Short Paper Review Criteria

A short paper format of 1500 to 2000 words (excluding references) was used for both the research stream and practice stream.

The review criteria assessed whether papers:

  • used, adapted, connected together or critiqued one or more of the MELT frameworks
  • specified the practice or theory gap
  • drew on and synthesised an appropriate literature base that was broader than just the RSD literature
  • contained well-reasoned methods/methodology for research or approach for practice
    • for posters or presentations, work in progress or results/outcomes were presented in ways that fit the data or information *
    • for workshops, there was a clear sense of the activities the audience would engage in
  • were communicative and succinct
  • consistently used one citing/referencing format.

* Qualitative, quantitative and mixed-methods data were welcome, with the expectation that typical standards for each type of data should be adhered to. It was acceptable for for outcomes of practice to use a blend of student evaluation data and research vignettes or stories.

  • Support for your research

    The conference organising committee wanted to provide information on the Short Papers as early as possible, so that presenters who wanted to submit a research-stream paper had time to work on researching their MELT approach before the submission was due.

    Resources for research were provided, as follows:

    If you have been using one of the MELT frameworks, such as the RSD, you may want to treat use till now as a pilot and begin to plan research. For example, you may want to apply for ethics approval in the next 3 months, so that you can gather research data in Semester 1 or Summer Semester 2017.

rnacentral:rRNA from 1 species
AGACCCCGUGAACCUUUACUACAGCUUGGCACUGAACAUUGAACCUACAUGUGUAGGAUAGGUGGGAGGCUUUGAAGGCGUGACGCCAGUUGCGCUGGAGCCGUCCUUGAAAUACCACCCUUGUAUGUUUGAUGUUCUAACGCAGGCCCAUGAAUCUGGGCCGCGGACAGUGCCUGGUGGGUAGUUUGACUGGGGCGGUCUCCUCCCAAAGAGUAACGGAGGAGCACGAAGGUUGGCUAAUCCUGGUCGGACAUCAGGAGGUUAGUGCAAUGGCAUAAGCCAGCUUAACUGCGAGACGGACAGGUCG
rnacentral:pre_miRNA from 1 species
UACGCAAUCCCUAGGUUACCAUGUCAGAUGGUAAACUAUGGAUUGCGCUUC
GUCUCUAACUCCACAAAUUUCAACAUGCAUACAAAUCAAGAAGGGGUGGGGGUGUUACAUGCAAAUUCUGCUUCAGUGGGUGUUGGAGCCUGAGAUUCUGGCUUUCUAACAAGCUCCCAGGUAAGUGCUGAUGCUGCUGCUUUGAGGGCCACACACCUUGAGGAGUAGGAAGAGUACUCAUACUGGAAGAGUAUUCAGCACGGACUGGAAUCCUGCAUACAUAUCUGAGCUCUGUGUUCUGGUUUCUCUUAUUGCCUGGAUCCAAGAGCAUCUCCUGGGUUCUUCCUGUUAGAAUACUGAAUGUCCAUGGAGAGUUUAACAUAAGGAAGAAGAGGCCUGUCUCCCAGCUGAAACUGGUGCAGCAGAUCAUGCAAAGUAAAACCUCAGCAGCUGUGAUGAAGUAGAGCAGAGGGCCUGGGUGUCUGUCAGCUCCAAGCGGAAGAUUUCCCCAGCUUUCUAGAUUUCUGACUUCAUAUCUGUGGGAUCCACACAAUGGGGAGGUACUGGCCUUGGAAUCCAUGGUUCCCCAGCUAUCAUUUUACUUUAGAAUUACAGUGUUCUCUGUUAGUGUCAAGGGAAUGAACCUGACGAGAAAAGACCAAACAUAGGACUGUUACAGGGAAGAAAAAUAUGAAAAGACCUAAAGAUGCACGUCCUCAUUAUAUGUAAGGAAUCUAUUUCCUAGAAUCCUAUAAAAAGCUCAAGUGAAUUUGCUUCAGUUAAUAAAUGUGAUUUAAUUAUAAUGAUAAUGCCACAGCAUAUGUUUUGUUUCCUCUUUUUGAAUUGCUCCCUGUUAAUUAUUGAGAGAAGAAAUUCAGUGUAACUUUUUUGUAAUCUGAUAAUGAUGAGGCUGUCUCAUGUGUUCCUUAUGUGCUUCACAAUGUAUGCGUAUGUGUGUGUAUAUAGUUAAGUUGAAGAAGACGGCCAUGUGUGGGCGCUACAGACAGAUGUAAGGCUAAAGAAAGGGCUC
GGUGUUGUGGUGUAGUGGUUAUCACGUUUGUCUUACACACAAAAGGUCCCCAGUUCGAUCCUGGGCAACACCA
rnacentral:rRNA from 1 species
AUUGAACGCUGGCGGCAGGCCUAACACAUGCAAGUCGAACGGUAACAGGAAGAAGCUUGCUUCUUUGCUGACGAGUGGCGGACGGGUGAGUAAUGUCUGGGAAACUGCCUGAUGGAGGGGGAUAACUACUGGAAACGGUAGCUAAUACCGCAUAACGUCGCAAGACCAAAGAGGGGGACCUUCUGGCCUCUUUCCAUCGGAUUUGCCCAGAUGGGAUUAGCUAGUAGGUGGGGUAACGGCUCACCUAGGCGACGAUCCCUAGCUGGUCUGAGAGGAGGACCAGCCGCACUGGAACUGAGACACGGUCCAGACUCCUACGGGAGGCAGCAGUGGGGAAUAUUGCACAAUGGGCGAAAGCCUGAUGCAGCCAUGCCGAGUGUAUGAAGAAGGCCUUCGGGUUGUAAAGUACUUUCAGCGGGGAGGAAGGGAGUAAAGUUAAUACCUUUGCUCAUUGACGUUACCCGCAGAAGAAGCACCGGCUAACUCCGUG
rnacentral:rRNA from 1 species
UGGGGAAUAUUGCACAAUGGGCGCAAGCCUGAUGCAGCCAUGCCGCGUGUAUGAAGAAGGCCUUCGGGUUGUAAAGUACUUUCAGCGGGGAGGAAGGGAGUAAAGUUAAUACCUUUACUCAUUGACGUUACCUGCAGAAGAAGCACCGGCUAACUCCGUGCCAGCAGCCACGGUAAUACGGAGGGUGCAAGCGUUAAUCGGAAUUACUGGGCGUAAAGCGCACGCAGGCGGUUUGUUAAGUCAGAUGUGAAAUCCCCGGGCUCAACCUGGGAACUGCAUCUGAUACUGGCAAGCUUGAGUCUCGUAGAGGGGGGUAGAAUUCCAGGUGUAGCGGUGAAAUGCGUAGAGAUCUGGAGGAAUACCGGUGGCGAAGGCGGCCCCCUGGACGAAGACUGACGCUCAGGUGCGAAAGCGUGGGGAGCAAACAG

A good starting point is the various research papers under evidence of effectiveness.

    We invite you to consider research approaches for determining the effectiveness of your use of MELT. You can email John Willison and state:

    • the ways in which you have already used one or more of the MELT
    • aspects you are thinking of researching with ethics approval
    • gaps this may address
    • preliminary research questions
    • ideas you have on research methods

    Ideas and resources to help your research on MELT

    Some possible research methods for the timeframe include:

    • Pre- and Post-Questionnaires
      • Exist for research skill development and problem solving development 
      • analysed for statistically and educationally significant changes over, say one semester in Likert Scale questions.
      • Open-ended questions may provide student attribution to what caused any changes noted in Likert scales
      • Online response rates are typically so low they are not worth conducting unless...
      • Ethics/questionnaire committee approval allows surveys to be completed in class time
        • need to be part of the educational program, e.g. for student reflective practice, as well as to improving the course from info gathered in the pre-questionnaire.
        • need to be administered by someone not involved in the teaching of the course
      • We found pre-and post-questionnaires were not useful outside of a specific context, such as a subject
    • Individual Interviews
      • good to capture student experience
      • we relied on individual interviews when determining RSD efficacy across programs by interviewing graduates and students after they completed three years of their degree
      • rich data requires complex analysis
      • can be used in conjunction with pre-post questionnaires, especially when students make and attribution of what caused any changes
    • Focus groups
      • good for improvement of approaches
      • students may also make attribution of what caused change
    • Observation data
      • person external to the course/program
      • ethics required
      • observer needs to be skilled in what to observe
    • Mixed methods
      • potential 'triangulation' of data
      •  quantitative and qualitative  aspects need to satisfy their own determinant of quality, such as 'reliability' and 'trustworthiness' respectively

    Reliability and trustworthiness

    An upfront consideration of 'reliability' (for quantitative research) or 'trustworthiness' (for qualitative research) is worthwhile in the planning stage.

    Likewise, specification of 'disconfirming evidence' is worthwhile in analysis stages i.e. data that does not fit into your standard pattern, and that may not complement your main inferences. Specifying disconfirming evidence is particularly encouraged for the research stream.